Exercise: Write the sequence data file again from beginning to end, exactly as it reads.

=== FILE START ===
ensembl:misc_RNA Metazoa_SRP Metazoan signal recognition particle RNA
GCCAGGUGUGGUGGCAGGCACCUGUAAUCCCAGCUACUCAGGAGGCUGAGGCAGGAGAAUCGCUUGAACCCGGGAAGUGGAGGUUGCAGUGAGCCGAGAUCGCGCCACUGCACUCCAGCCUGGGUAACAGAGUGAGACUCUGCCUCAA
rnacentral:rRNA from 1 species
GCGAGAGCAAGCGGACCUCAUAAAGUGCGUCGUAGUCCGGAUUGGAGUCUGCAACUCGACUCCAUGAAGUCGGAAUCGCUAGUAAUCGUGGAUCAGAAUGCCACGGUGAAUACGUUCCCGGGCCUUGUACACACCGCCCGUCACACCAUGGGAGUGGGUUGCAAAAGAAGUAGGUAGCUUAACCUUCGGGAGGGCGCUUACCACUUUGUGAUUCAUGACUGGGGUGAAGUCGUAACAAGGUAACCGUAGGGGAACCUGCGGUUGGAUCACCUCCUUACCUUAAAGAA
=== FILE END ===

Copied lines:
ensembl:misc_RNA Metazoa_SRP Metazoan signal recognition particle RNA
GCCAGGUGUGGUGGCAGGCACCUGUAAUCCCAGCUACUCAGGAGGCUGAGGCAGGAGAAUCGCUUGAACCCGGGAAGUGGAGGUUGCAGUGAGCCGAGAUCGCGCCACUGCACUCCAGCCUGGGUAACAGAGUGAGACUCUGCCUCAA
rnacentral:rRNA from 1 species
GCGAGAGCAAGCGGACCUCAUAAAGUGCGUCGUAGUCCGGAUUGGAGUCUGCAACUCGACUCCAUGAAGUCGGAAUCGCUAGUAAUCGUGGAUCAGAAUGCCACGGUGAAUACGUUCCCGGGCCUUGUACACACCGCCCGUCACACCAUGGGAGUGGGUUGCAAAAGAAGUAGGUAGCUUAACCUUCGGGAGGGCGCUUACCACUUUGUGAUUCAUGACUGGGGUGAAGUCGUAACAAGGUAACCGUAGGGGAACCUGCGGUUGGAUCACCUCCUUACCUUAAAGAA